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Submitted by Aly Mbaye on

Dear Mbaye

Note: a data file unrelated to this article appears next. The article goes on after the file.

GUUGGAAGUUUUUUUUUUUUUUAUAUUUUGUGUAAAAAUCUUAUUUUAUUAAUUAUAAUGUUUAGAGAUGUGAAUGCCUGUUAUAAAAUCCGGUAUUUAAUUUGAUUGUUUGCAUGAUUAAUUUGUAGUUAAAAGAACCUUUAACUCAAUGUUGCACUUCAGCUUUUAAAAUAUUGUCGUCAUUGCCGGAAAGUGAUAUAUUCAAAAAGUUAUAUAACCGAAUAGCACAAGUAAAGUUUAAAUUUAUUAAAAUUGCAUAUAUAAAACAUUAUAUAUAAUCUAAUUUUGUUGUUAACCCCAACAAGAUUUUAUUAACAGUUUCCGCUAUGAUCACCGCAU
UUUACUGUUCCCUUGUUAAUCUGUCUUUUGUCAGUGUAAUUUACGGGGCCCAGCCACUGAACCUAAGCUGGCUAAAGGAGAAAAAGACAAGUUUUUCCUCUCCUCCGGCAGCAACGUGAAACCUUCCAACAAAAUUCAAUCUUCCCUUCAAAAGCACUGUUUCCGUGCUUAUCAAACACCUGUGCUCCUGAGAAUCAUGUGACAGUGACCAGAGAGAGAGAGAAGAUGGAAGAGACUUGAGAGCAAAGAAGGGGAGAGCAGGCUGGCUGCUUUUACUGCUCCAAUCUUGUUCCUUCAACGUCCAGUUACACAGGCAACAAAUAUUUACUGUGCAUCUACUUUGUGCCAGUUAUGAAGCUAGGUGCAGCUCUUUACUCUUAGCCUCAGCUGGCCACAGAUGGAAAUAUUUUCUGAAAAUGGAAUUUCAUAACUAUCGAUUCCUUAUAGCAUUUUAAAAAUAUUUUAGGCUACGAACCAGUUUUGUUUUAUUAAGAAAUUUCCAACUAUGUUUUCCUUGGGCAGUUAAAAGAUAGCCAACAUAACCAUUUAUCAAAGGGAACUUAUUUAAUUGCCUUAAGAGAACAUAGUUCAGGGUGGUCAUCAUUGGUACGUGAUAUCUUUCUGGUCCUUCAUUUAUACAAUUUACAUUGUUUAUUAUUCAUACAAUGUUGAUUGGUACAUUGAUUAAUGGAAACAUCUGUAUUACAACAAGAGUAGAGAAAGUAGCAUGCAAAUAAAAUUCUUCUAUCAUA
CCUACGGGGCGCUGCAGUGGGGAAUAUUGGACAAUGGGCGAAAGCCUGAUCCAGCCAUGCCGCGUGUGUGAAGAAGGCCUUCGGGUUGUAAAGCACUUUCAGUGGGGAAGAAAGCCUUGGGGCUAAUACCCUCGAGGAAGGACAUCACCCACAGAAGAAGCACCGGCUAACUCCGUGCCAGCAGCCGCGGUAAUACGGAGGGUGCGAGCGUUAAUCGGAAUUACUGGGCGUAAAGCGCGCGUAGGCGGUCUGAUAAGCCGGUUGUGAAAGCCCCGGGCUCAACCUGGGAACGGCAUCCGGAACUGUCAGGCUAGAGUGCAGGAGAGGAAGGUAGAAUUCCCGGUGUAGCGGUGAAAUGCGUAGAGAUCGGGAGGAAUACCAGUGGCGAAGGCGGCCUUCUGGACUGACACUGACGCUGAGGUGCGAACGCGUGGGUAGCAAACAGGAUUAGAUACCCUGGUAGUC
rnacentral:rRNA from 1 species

Thank you very much for your interest in our blog and for your positive comments. Your point about few children entering vocational schools is right. Statistics show that most secondary schools graduates follow humanities tracks rather than scientific ones. Since in Africa, and more so in francophone Africa, such early specializations determine students’ university hosting departments, many of them end up with humanities and social sciences degrees with too few in science and engineering. The share of vocational training in overall education is negligible because most parents and students maintain the increasingly obsolete hope that very general university training is the ticket to white-collar jobs. So increasing the scope of vocational training is very relevant. Nevertheless, it is likely not to be enough because in African countries as elsewhere, the performance of the economy is critical in determining how many jobs are created regardless of how effective the training system is. Beyond vocational training, African youth need entrepreneurial skills and support to set up their own businesses and not always aspire to positions as civil servants as remains too often the case.